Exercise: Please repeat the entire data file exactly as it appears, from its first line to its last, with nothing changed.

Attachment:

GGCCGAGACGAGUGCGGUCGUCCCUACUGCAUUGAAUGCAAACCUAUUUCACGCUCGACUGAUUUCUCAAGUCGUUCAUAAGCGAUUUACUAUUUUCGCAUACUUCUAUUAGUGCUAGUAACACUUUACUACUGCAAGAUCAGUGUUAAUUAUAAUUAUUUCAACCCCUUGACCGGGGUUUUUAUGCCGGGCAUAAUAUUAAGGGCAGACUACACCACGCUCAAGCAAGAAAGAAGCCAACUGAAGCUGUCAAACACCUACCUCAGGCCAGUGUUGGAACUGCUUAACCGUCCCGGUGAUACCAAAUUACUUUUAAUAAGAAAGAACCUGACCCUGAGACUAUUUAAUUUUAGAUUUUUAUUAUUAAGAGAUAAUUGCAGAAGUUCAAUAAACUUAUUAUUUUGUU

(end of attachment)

GGCCGAGACGAGUGCGGUCGUCCCUACUGCAUUGAAUGCAAACCUAUUUCACGCUCGACUGAUUUCUCAAGUCGUUCAUAAGCGAUUUACUAUUUUCGCAUACUUCUAUUAGUGCUAGUAACACUUUACUACUGCAAGAUCAGUGUUAAUUAUAAUUAUUUCAACCCCUUGACCGGGGUUUUUAUGCCGGGCAUAAUAUUAAGGGCAGACUACACCACGCUCAAGCAAGAAAGAAGCCAACUGAAGCUGUCAAACACCUACCUCAGGCCAGUGUUGGAACUGCUUAACCGUCCCGGUGAUACCAAAUUACUUUUAAUAAGAAAGAACCUGACCCUGAGACUAUUUAAUUUUAGAUUUUUAUUAUUAAGAGAUAAUUGCAGAAGUUCAAUAAACUUAUUAUUUUGUU